Survey: Ross University Grads Happy to Be Veterinarians
RUSVM conducted an alumni survey to understand the employment status one year post graduation.
An aerial view of Ross University in the St. Kitts, West Indies.
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Ninety percent of Ross University School of Veterinary Medicine (RUSVM) graduates are satisfied with their career choice to become veterinarians, according to the school’s recently released 2013 Alumni Survey Report.
RUSVM conducts the alumni survey annually to understand the employment status one year post graduation, as well as gain a sense of preparation levels by its graduates. The 2013 survey was sent to 274 graduates. A total of 87 graduates (32 percent) responded.
Source: Ross University
Sixty-two percent of all employed Ross University graduates had salaries of more than $60,000 a year.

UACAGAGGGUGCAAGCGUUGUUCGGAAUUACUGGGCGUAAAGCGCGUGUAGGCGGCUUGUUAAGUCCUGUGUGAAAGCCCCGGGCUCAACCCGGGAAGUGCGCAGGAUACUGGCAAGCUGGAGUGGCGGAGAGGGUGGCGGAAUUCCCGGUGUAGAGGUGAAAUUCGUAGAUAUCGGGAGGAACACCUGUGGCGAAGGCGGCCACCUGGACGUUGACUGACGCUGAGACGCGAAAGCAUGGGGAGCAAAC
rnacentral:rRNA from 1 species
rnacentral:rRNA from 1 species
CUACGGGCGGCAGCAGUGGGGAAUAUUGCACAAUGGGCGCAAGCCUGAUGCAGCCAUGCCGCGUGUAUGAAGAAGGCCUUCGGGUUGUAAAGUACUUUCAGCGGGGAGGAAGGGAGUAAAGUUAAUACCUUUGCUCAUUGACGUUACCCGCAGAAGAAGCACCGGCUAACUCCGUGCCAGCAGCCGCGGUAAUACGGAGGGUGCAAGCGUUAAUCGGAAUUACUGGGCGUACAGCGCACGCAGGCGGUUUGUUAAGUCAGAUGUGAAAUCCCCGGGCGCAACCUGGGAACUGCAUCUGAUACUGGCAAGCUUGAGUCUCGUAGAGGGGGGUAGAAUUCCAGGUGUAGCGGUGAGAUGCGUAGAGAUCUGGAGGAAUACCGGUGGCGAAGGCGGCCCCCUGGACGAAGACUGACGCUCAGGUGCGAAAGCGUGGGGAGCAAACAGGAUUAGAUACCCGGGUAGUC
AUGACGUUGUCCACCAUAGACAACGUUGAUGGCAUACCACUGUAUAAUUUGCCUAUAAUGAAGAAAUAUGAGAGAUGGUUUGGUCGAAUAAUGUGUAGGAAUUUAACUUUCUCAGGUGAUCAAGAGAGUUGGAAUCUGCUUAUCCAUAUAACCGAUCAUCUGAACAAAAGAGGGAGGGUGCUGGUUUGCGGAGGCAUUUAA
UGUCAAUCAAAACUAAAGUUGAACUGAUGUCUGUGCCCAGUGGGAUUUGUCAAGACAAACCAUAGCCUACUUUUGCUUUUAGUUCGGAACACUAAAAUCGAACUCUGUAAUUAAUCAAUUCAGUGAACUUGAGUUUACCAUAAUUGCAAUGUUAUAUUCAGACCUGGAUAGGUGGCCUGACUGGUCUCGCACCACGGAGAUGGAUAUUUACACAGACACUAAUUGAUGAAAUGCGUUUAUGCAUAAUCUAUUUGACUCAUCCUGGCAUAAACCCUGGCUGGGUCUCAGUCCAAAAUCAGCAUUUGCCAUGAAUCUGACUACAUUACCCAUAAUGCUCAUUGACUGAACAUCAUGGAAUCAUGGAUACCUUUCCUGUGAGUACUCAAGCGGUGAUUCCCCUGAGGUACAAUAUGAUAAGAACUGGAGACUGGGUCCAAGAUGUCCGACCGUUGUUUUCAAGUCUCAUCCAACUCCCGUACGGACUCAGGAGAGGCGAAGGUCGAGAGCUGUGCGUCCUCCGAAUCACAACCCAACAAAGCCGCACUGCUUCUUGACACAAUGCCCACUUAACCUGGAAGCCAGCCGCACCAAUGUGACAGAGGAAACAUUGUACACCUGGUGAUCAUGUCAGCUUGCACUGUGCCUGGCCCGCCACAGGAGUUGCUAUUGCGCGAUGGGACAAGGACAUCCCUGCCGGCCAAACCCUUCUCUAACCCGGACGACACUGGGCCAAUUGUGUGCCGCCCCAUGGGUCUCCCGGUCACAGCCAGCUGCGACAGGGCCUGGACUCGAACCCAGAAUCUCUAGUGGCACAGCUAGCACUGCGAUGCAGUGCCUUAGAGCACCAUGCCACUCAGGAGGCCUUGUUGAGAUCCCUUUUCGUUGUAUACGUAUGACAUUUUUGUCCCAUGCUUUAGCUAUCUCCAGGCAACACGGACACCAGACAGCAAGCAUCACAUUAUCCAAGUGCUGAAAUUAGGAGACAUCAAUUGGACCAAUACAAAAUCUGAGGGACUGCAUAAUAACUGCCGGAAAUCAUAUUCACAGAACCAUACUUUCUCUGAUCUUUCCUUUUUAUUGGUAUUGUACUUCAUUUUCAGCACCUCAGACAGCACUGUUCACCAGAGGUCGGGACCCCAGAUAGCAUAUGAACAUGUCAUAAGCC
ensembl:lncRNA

Graduates didn’t seem to have a hard time finding a job as 86 percent found one within six months after graduation. Five percent found a job between six and 10 months of graduation. The remaining graduates either did not report (8 percent) or were unemployed (1 percent).
In regard to salary, 62 percent of respondents indicated they made more than $60,000, 21 percent reported a salary of $40,000 to $59,000 and 15 percent earned less than $40,000. The majority (10 out of 13) of the graduates earning less than $40,000 are pursuing an internship or residency program, according to the survey.
Overall, the breakdown of current professional activity: private small animal practice (55 percent); corporate small animal practice (9 percent); private mixed animal practice, primarily small animal (10 percent); private mixed animal practice, primarily large animal (3.5 percent); private practice equine exclusive (3.5 percent); internship, residency, graduate school (13 percent); and other (6 percent).
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